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2013 and 2012, respectively, for the annual health care reform fee. The increase in expenses in 2014 reflects final regulations on the annual health care reform fee issued by the Internal Revenue Service (the "IRS") on July 28, 2014. The final IRS regulations accelerated the recognition criteria for the fee obligation by one year to the year in which the underlying sales used to allocate the fee occurred rather than the year in which the fee was paid. As a result of this change, Merck recorded an additional year of expense of $193 million in 2014. The full impact of U.S. health care reform cannot be predicted at this time.

The Company also faces increasing pricing pressure globally from managed care organizations, government agencies and programs that could negatively affect the Company's sales and profit margins. In the United States, these include (i) practices of managed care groups, federal and state exchanges, and institutional and governmental purchasers, and (ii) U.S. federal laws and regulations related to Medicare and Medicaid, including the Medicare Prescription Drug Improvement and Modernization Act of 2003 and the Patient Protection and Affordable Care Act. Changes to the health care system enacted as part of health care reform in the United States, as well as increased purchasing power of entities that negotiate on behalf of Medicare, Medicaid, and private sector beneficiaries, could result in further pricing pressures. As an example, health care reform is contributing to an increase in the number of patients in the Medicaid program under which sales of pharmaceutical products are subject to substantial rebates.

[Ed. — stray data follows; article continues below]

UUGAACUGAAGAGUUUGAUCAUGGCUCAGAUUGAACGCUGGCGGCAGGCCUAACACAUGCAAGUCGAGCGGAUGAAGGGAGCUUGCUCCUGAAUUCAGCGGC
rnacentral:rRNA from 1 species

In addition, in the effort to contain the U.S. federal deficit, the pharmaceutical industry could be considered a potential source of savings via legislative proposals that have been debated but not enacted. These types of revenue generating or cost saving proposals include additional direct price controls in the Medicare prescription drug program (Part D). In addition, Congress may again consider proposals to allow, under certain conditions, the importation of medicines from other countries. It remains very uncertain as to what proposals, if any, may be included as part of future federal budget deficit reduction proposals that would directly or indirectly affect the Company.